The Two Faces of Hamas
After last week’s announcement that US agencies are banned from contact with Hamas-Led Palestinian Authority agencies, Hamas’ new PA Prime Minister, Ismail Haniyeh, sharply criticized the US decision and suggested that the United States give Hamas one full year before reaching such a policy decision. “Let them bear with us for a year,” he said.
He went further and stated that the United States is ironically violating it’s own purported support for democracy by breaking ties with the freely and fairly elected Hamas leadership. Meanwhile, the US will be maintaining contact with the Fatah leadership through PA President Mahmoud Abbas.
But Haniyeh’s pleas for Western patience might be better recieved were it not for abrasive comments like that offered by the Palestinian Authority’s new Foreign Minister Mahmoud Zahar, who said over the weekend, “I dream of hanging a huge map of the world on the wall at my Gaza home which does not show Israel on it. I hope that our dream to have our independent state on all historic Palestine (will materialize).”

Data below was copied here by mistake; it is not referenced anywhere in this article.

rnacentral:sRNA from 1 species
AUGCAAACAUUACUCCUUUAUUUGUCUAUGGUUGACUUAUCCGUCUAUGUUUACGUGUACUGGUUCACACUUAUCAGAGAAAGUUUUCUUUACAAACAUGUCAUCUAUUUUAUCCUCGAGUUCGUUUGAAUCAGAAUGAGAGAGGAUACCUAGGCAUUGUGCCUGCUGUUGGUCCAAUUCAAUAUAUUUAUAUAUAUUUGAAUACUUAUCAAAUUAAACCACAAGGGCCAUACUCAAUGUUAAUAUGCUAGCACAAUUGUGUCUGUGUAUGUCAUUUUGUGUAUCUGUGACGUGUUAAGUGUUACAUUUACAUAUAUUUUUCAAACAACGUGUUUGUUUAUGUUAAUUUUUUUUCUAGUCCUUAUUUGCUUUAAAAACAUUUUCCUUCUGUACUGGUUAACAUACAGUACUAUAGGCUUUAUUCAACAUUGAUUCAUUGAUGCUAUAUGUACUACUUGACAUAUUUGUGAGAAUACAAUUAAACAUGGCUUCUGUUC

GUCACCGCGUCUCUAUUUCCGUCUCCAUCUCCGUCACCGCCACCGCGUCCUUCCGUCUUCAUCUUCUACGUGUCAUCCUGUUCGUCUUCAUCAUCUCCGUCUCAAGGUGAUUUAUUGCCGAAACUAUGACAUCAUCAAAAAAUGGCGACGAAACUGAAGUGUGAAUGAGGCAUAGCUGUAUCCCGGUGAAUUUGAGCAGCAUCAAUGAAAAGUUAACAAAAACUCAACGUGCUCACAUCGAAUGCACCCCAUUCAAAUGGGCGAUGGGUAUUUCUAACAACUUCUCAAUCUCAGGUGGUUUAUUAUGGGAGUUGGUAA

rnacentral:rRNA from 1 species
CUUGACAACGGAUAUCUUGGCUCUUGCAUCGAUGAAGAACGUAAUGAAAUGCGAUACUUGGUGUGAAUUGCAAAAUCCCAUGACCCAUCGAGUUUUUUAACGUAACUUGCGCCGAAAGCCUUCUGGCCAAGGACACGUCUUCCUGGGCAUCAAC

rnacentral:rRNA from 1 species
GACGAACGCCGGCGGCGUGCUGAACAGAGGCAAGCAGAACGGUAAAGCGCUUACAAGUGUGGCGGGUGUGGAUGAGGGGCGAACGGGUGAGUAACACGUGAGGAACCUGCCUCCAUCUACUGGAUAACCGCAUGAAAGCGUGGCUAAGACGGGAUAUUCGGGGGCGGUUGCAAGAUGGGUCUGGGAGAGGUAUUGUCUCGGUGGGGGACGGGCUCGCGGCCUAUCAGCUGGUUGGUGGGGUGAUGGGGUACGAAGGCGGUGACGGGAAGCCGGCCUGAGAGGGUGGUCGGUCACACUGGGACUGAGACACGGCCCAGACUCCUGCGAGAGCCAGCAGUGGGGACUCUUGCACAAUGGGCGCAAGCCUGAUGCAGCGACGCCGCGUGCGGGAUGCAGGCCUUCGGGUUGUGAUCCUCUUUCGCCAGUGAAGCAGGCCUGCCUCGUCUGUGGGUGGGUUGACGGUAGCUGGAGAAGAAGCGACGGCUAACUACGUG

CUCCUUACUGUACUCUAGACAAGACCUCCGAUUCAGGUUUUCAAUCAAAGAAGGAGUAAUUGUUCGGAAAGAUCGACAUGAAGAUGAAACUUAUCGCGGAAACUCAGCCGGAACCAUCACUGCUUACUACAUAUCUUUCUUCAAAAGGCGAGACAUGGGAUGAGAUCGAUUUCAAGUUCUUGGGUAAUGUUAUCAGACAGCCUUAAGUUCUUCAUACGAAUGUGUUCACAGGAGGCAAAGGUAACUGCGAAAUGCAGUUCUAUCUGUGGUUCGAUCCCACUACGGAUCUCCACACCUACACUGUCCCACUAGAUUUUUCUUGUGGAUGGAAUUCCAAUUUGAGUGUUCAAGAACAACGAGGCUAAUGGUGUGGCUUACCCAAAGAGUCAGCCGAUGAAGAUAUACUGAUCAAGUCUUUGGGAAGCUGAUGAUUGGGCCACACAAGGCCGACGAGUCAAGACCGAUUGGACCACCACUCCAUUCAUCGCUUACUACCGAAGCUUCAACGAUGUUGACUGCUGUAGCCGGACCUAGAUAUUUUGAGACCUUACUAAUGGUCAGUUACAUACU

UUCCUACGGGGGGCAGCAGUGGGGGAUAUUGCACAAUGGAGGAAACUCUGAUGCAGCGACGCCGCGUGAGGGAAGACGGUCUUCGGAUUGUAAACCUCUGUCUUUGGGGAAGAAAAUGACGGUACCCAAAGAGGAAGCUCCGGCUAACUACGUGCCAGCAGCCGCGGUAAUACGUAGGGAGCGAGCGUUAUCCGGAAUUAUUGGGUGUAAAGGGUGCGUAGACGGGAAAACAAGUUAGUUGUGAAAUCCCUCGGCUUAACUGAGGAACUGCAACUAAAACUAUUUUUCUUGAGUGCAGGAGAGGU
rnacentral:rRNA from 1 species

Couple that with the recent statistical disclosure from Israel revealing that fully 234 of the 713 terror-related arrests by the IDF in the first quarter of 2006 were members of Hamas, more than any other group from the Palestinian Territories. Said the source of the report data to Ynetnews, “That figure just shows that under the surface Hamas is involved in attacks, albeit not directly.”
Hamas’ open partnership with Iran, the world’s premiere State Sponsor of Terrorism, is a barometer revealing the choices Hamas is willing to make, and their refusal to acknowledge Israel or standing pre-Hamas agreements an equal indicator of the choices Hamas is not willing to make. They, and the people they represent – who indeed freely and fairly elected them into power – will have to endure the consequences of such choices.